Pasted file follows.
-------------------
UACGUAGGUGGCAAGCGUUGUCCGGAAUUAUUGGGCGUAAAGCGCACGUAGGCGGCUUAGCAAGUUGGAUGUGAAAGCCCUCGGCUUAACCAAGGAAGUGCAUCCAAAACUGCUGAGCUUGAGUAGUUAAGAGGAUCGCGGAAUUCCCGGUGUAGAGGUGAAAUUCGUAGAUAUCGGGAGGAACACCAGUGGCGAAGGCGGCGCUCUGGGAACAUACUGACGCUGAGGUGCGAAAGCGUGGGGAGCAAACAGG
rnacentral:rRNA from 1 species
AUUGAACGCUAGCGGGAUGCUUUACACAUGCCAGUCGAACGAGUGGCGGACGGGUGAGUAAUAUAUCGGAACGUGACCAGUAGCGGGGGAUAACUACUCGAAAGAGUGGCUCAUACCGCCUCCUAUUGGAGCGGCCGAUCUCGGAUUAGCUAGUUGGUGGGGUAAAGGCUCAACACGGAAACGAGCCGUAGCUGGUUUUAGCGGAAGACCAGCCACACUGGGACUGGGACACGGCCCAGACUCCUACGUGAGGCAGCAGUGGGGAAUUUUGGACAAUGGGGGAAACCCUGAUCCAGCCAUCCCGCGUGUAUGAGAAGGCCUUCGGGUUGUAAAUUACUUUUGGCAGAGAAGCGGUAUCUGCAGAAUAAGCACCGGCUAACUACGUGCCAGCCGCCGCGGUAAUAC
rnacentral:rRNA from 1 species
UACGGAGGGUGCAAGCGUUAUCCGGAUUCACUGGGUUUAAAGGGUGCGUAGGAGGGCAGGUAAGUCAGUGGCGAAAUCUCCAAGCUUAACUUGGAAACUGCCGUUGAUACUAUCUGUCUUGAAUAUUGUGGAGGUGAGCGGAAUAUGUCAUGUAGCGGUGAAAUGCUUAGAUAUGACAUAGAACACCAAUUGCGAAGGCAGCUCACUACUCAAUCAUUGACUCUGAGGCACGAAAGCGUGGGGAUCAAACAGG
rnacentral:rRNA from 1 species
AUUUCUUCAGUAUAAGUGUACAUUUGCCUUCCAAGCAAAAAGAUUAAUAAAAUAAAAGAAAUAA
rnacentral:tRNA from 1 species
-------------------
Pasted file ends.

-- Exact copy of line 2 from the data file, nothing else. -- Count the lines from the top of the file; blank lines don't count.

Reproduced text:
rnacentral:rRNA from 1 species